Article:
Okay, now I'm sweating...
First, thanks for reading this and offering your input.
I've kept freshwater aquariums in the past and have had good success. I always said that the next aquarium I keep will be saltwater.
I feel like a tool, but I went down to Petco and talked to the guy about wanting a saltwater aquarium-you know, the ins and outs. He tells me I can easily keep a 10 gallon tank and it will be fine. I figure, this is a christmas gift for me to enjoy with my little son, so I'll start small. If I can handle 10 gallons I can work up from there in the future (which I want to do). I felt proud of my purchase and am looking forward to starting to set it up on Christmas morning.
Before the big launch, I figured I would google a bit, just to make sure I am doing this right. I came across this site, began reading a lot of the postings, and now I am sweating.
Help me out here. My purpose is a 10 gallon tank with about 4-5 smaller type fish. I am sure one will be a clown fish. I bought a "kit" from Petco, the price was reasonable. I also bought the coral sand, salt, etc.--everything I thought I needed except for the fish.
If you could please talk to me like I am dumb, and don't know the aquariumnese language I would appreciate it. For instance, someone was talking about "live rocks" and to my shame, I don't know what that means.
Please help. Should I take back the 10 gallon tank and get the 20g? I will have to sell my wife on it, but am sure I can if it's critical. I don't want the fish to feel like they are living in a garage, as one poster put it. Any insight will be appreciated, even if you want to rip me for making some mistakes. I've got to start somewhere. Thanks.
What do you mean by coral sand. Is it live sand, crushed coral, or aragonite sand. If you went with the crushed coral, take it back it is a no-no in the saltwater trade. It will cloud the water whenever disturbed for a lifetime. The best type to get is live sand, the next is aragonit. But with the size that your wanting to go with I would get the live sand. All live sand is, is sand with benificial bacteria already in it.
To touch on what USMC said, live sand is aragonite sand that is shipped and stored wet with beneficial bacteria in it. I too would recommend a 20g set up. 10g set ups are usually considered difficult. You can do it, and it can even be your first tank. Just understand that it can give you headaches. I would only keep one fish in a 10g and it would need to stay small.
Could you describe the "kit" and price?
I'd like to see a skimmer, a powerhead, 15lbs of aragonite, hydrometer, thermometer, quality power compact or T5 lighting of about 25-50watts (if it comes with incandescents take teh kit back and tell them to shove it.) salt mix, test kits.
You might want to think about one of these instead..
http://www.jbjnanocube.com/ There are several modela available and in several price ranges. Much more plug and play in my opinion.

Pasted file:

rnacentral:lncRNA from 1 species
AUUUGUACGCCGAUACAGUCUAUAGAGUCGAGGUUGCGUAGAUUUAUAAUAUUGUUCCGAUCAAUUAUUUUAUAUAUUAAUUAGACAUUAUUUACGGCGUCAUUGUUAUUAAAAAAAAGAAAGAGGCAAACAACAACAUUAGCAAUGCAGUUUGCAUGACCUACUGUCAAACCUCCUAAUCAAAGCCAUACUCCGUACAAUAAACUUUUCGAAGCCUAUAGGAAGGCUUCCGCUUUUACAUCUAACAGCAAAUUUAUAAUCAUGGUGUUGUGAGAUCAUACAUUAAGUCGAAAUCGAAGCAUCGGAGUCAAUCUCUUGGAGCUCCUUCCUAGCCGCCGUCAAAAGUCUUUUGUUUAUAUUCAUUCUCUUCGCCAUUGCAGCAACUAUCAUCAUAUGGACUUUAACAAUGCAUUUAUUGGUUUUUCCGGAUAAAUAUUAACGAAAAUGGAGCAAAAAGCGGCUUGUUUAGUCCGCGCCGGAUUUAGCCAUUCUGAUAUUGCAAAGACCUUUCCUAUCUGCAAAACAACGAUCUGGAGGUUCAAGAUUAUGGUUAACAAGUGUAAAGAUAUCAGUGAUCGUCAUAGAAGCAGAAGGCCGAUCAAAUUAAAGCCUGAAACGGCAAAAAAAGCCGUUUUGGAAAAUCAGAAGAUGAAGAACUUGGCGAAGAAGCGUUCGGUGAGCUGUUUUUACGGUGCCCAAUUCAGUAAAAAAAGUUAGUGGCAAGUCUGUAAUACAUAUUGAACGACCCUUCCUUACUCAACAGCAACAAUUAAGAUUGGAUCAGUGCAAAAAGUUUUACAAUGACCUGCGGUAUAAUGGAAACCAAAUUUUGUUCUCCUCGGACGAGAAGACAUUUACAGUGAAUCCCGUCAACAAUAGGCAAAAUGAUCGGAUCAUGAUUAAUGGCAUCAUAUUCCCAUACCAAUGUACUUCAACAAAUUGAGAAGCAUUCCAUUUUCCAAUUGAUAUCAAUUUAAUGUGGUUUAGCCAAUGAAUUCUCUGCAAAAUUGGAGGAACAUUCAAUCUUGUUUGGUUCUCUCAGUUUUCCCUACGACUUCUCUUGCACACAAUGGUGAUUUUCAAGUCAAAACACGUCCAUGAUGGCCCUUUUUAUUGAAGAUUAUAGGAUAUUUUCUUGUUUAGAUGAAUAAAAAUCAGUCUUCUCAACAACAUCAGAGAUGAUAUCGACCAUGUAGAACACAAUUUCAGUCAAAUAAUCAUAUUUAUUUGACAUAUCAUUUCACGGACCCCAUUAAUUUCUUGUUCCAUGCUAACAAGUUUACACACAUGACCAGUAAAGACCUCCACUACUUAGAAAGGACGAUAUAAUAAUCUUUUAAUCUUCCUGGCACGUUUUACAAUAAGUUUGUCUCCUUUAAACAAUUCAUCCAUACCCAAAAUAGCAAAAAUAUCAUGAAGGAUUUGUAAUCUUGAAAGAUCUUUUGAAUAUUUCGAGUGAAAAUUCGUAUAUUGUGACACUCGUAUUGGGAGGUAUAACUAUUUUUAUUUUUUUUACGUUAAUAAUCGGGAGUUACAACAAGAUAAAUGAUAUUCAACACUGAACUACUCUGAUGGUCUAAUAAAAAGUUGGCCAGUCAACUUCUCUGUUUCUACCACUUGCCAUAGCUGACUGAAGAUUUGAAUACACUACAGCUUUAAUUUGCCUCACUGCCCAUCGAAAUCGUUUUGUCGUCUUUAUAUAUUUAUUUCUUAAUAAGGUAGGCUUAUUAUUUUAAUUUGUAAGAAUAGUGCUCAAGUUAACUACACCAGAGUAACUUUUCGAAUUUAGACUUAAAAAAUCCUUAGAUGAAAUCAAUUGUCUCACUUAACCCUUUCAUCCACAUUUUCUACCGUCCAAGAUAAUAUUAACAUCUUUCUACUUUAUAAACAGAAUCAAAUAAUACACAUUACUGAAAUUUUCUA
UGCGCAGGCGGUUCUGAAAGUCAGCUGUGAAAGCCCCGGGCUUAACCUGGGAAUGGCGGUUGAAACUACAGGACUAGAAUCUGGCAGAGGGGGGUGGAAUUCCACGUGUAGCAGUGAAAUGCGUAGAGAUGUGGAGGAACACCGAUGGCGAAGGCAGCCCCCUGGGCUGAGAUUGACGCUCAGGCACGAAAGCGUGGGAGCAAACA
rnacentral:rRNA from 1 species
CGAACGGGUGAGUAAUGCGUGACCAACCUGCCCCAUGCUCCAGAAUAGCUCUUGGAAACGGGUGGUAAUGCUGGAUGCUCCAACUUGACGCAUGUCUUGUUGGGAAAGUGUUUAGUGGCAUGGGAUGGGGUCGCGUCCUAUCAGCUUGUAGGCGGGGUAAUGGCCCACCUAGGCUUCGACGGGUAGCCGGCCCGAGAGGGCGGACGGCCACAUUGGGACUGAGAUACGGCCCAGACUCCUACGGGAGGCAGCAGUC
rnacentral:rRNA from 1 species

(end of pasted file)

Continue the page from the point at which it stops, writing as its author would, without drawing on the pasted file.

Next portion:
100% Calcium Carbonate
Increased pH Buffering
Recommended for use in all salt water aquariums.
Tideline Inglewood, CA
10 pound bag"
This is what the guy said they use in the store.
It looks like little bits of coral, like pebbles ceral or something, it doesn't look like fine sand, it looks more like little pebbles or stones. It's dry, not wet.
Should be smaller than grapenuts. If it looks like rice crispies or larger than I wouldn't run it.
Can you find it on the petco website and link?
10 gal. tank
Full fluorescent light hood
15 Watt fluorescent bulb
Whisper 10 power filter
Whisper filter cartridge
50 Watt UL listed aquaruim heater
Nylon fish net
Starter size water conditioner
Starter size Tetramin tropical fish food
External aquarium thermometer
Fish are Fun guide
I had to buy the salt and everything else seperately. The kit was on sale for like $50 bucks. I spent about $120 or so on everything.
Would make a great freshwater set up.....
You could use it for salt but you will need to stock very very lightly. one small goby, blenny, maybe a percula clown, some hermits a few snails. Water changes will be VERY important in such a small tank for nutrient export. You will need to clean that filter weekly, just rinse it under the sink faucet. Don't worry about killing the bacteria as it will be used only for mechanical filtration. You will need to get some rock. Your lighting will not be sufficient to keep any corals except for some mushrooms, maybe a bit of green star polyp. Any corals that you get will need to be non photosynthetic.
This is the Coral Sand
I know you care and this is why I hate being so straight forward....
That stuff looks like leftover beach sand....
Aragonite is pure coral skeleton that has been crushed by nature into grains like sand. http://www.carib-sea.com/pages/produ...aragalive.html
This is what I'd be looking for.
You mentioned in a previous response to me something about a powerhead and hydrometer, etc. Could you take sec. to explain those to me, do I need them?
I have a feeling I will end up going with a 20 gal. tank. I guess the guy at the store scared me a little because he mentioned how much salt water tanks evaporate water and the price of salt wasn't cheap. He said they add water to their tanks like 2x's per week.
|All times are GMT -5. The time now is 10:37 AM.|
Powered by vBulletin® Version 3.8.8
Copyright ©2000 - 2017, vBulletin Solutions, Inc.
vBulletin Security provided by vBSecurity v2.2.2 (Pro) - vBulletin Mods & Addons Copyright © 2017 DragonByte Technologies Ltd.
User Alert System provided by Advanced User Tagging (Pro) - vBulletin Mods & Addons Copyright © 2017 DragonByte Technologies Ltd.